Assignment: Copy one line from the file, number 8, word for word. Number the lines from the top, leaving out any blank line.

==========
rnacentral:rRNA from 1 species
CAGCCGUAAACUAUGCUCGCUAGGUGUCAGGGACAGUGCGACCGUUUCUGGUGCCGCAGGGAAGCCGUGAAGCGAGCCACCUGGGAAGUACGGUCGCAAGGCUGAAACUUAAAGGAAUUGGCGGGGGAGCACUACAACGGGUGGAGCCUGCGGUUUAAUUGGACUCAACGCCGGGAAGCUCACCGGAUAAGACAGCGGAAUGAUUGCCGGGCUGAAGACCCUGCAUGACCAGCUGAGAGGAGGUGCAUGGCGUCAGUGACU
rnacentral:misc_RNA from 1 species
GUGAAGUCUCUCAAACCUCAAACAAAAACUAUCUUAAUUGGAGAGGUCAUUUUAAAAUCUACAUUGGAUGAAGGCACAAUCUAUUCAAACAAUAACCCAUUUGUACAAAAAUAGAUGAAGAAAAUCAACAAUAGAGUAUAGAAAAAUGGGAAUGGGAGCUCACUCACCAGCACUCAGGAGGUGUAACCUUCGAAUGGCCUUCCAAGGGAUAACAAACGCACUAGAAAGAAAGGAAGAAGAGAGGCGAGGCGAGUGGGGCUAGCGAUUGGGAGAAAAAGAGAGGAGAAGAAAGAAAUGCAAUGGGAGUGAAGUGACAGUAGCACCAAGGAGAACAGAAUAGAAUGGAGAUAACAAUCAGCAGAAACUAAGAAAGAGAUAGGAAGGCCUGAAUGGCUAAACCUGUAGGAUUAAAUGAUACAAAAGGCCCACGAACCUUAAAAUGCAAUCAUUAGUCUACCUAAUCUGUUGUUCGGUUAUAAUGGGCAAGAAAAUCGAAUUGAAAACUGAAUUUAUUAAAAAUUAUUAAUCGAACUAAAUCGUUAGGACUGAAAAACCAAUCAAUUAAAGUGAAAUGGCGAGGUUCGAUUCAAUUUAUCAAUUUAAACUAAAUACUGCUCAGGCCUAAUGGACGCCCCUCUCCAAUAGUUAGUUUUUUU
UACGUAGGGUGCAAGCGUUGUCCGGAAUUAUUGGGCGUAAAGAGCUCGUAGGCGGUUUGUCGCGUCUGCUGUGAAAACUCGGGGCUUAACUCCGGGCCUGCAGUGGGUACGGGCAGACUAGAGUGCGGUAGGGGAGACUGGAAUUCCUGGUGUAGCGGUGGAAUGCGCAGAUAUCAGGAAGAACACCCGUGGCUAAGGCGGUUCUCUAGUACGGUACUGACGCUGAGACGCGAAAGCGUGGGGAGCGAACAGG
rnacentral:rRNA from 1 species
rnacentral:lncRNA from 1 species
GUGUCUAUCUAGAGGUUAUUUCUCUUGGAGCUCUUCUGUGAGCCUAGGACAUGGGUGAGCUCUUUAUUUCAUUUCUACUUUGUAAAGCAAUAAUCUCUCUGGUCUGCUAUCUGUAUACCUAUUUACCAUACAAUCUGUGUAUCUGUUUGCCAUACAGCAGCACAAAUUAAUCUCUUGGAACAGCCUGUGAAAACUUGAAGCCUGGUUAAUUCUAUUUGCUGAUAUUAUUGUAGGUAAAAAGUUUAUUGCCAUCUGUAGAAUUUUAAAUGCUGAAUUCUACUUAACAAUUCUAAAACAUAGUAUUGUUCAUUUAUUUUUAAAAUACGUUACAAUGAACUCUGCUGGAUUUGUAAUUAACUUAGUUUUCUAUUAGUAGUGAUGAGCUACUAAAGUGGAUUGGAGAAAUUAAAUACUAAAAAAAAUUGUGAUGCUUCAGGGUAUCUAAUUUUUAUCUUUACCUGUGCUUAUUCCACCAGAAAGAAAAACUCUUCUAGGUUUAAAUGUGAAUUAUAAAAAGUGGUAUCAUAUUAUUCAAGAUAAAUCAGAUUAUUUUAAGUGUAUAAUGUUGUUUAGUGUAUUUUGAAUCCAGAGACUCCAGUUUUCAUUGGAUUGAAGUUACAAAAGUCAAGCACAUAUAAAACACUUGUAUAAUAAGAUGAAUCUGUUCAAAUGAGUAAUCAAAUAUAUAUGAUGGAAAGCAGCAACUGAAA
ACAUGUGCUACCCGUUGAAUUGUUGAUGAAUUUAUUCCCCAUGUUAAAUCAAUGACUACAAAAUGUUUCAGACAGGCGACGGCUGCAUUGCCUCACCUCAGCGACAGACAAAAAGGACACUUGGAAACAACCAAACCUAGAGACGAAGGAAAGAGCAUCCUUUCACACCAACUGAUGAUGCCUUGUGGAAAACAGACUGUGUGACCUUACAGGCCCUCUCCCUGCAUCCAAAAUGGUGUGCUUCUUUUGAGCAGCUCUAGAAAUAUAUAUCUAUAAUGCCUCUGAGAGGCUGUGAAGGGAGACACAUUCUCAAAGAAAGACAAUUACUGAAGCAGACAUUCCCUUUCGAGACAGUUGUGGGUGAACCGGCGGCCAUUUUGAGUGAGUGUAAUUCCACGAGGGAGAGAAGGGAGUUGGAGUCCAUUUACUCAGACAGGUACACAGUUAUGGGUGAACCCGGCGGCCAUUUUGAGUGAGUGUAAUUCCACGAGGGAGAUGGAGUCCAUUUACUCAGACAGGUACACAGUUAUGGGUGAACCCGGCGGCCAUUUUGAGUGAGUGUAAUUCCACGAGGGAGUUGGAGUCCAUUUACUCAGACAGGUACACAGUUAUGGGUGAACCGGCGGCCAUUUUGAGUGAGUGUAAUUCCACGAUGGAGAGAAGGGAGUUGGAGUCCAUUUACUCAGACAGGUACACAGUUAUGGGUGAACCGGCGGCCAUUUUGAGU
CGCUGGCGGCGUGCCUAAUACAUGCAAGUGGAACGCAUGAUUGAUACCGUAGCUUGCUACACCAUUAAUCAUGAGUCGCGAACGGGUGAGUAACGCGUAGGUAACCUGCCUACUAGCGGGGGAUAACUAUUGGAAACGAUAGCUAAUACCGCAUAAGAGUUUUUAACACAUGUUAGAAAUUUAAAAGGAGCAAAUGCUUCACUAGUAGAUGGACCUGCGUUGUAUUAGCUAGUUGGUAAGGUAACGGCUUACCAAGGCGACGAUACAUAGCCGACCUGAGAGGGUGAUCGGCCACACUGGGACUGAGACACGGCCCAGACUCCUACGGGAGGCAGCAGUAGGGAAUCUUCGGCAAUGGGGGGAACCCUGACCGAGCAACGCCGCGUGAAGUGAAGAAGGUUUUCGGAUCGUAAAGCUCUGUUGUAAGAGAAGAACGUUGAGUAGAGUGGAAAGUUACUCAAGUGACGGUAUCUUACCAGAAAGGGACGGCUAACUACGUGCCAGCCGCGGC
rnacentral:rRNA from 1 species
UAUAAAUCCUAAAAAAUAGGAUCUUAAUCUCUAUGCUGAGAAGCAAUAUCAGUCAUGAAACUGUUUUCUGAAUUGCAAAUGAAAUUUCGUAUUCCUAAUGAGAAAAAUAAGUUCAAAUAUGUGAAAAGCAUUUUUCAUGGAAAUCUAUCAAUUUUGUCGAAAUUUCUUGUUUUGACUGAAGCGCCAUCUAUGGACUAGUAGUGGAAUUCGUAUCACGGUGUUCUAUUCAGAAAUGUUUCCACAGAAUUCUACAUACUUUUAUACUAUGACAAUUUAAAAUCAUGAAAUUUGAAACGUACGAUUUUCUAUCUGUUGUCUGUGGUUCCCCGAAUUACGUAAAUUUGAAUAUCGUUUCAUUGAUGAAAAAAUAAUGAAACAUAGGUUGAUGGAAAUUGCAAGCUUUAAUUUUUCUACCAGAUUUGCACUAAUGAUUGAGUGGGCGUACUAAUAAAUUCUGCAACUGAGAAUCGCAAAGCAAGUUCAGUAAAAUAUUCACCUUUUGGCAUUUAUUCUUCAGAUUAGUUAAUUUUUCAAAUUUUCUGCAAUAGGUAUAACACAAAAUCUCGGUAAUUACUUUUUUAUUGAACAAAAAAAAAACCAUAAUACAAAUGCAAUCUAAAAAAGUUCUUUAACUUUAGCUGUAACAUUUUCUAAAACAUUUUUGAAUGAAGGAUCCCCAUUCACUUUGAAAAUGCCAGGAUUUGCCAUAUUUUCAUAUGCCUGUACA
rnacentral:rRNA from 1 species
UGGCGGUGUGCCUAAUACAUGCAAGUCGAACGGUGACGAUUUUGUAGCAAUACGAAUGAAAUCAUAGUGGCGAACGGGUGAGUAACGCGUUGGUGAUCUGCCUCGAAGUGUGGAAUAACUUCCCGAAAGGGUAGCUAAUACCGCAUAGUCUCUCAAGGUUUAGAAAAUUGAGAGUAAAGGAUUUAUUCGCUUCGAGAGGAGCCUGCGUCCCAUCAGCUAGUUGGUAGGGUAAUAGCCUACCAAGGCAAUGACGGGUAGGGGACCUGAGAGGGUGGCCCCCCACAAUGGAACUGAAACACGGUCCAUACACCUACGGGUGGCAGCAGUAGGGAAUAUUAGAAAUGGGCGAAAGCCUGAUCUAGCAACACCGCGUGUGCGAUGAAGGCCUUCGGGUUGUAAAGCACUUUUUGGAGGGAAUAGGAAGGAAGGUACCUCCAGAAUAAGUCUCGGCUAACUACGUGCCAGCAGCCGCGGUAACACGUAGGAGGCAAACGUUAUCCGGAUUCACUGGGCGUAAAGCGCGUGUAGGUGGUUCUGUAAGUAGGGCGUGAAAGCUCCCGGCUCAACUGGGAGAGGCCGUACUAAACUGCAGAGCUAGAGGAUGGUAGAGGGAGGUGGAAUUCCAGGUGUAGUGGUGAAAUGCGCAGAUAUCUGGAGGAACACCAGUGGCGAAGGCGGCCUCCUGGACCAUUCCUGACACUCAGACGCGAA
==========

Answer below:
GUGUCUAUCUAGAGGUUAUUUCUCUUGGAGCUCUUCUGUGAGCCUAGGACAUGGGUGAGCUCUUUAUUUCAUUUCUACUUUGUAAAGCAAUAAUCUCUCUGGUCUGCUAUCUGUAUACCUAUUUACCAUACAAUCUGUGUAUCUGUUUGCCAUACAGCAGCACAAAUUAAUCUCUUGGAACAGCCUGUGAAAACUUGAAGCCUGGUUAAUUCUAUUUGCUGAUAUUAUUGUAGGUAAAAAGUUUAUUGCCAUCUGUAGAAUUUUAAAUGCUGAAUUCUACUUAACAAUUCUAAAACAUAGUAUUGUUCAUUUAUUUUUAAAAUACGUUACAAUGAACUCUGCUGGAUUUGUAAUUAACUUAGUUUUCUAUUAGUAGUGAUGAGCUACUAAAGUGGAUUGGAGAAAUUAAAUACUAAAAAAAAUUGUGAUGCUUCAGGGUAUCUAAUUUUUAUCUUUACCUGUGCUUAUUCCACCAGAAAGAAAAACUCUUCUAGGUUUAAAUGUGAAUUAUAAAAAGUGGUAUCAUAUUAUUCAAGAUAAAUCAGAUUAUUUUAAGUGUAUAAUGUUGUUUAGUGUAUUUUGAAUCCAGAGACUCCAGUUUUCAUUGGAUUGAAGUUACAAAAGUCAAGCACAUAUAAAACACUUGUAUAAUAAGAUGAAUCUGUUCAAAUGAGUAAUCAAAUAUAUAUGAUGGAAAGCAGCAACUGAAA